MADRID TOWNSHIP — Under a sunny sky at midday Saturday, a steady line of all-terrain vehicle riders and mountain bikers filed down the ITS 84/89 multi-use trail in Madrid Township.

While Saturday’s weather would have drawn anyone out to enjoy what Maine’s backcountry has to offer, the group of ATVers, hikers, bikers, snowmobilers and Franklin County officials that converged two miles down the trail were out for one specific purpose: celebrating the completion of a three-year collaborative effort to replace the Perham Stream Bridge.

“It’s a project that has required a lot of effort by a lot of people and a lot of collaboration,” said Nancy Perlson, a volunteer who worked to bring the project to fruition. “I’m really thrilled to be at this stage of the project.”

The new 80-foot single-span steel girder bridge was completed last month, with the trail being closed to the public for a week while construction was done. The bridge, located over the confluence of Perham and Orbeton streams, replaced an existing bridge that was in disrepair.

The $150,000 bridge was a collaborative project carried out by the High Peaks Alliance, the North Franklin Snowmobile Club, the Narrow Gauge Riders ATV club and landowner Mark Beauregard, of Rangeley.

A ribbon-cutting ceremony was held at noon Saturday to mark the project’s official completion. Members of the organizations involved in the project along with trail users and local government officials applauded the collaborative work that went into the project.


“That’s why this success lays out here, because you did it together,” said Sen. Tom Saviello, R-Wilton.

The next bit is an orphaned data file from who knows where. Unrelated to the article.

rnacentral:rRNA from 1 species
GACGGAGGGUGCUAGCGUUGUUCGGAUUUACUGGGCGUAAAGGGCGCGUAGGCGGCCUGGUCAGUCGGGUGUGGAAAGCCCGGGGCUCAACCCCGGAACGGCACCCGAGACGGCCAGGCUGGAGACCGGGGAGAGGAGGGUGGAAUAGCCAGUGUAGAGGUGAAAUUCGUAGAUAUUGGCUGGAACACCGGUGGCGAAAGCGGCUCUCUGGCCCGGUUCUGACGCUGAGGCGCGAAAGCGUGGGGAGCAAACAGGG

The bridge is just under 2 miles along ITS 84/89 from Reeds Mill Road. The trail is a major multi-use trail that runs north through Madrid Township toward Perham Junction and Redington Township. The trail, maintained by the North Franklin Snowmobile Club, connects with snowmobile trails from Rangeley, Phillips, Kingfield and Weld, among others.

With the installation of the new bridge ensuring safe passage over the stream for trail users who then travel onto other trails — taking them farther north into Franklin County — the completion of the project was seen as a boon for economic and recreational prosperity in the region.

“For this region, as most of you probably know, backcountry recreation is kind of the backbone of the regional economy. So it’s important to have these kinds of facilities and infrastructures that let people safely and comfortably enjoy what we have to offer,” Perlson said.

“This bridge is actually the connection between one part of the county and the other part of the county, and without it, that economic opportunity would not be here,” Franklin County Commissioner Gary McCrane said.

The project was funded by grants from Maine’s Recreational Trails Program, the Franklin County tax increment financing program, and the Betterment Fund.


The old bridge had been patched together using the remains of materials from the old rail-bed of the Sandy River and Rangeley Lakes Narrow Gauge Railroad, which ran in the location of the Perham and Orbeton stream section of ITS 84/89. The old bridge, made from the riveted iron beams of the railroad, was rusted and was becoming unsafe. In 2011, Tropical Storm Irene washed out a center support from under the bridge.

Ralph Luce, president of the North Franklin Snowmobile Club, said when the trail groomers went over the old bridge with heavy machinery, the bridge’s instability could be felt.

Perham Stream is a protected habitat for several species of fish. Therefore, building the new bridge with a center support was not an option; a single-span bridge was required.

With the bridge completed, it is open for public motorized and nonmotorized recreation, with a recreational vehicle width restriction of 60 inches. Going farther along ITS 84/89 from the bridge, trail users have access to 6,000 acres of recently conserved working forest in Madrid Township, Perlson said.

“It’s a beautiful piece of backcountry,” she said.

Lauren Abbate — 861-9252

Twitter: @Lauren_M_Abbate

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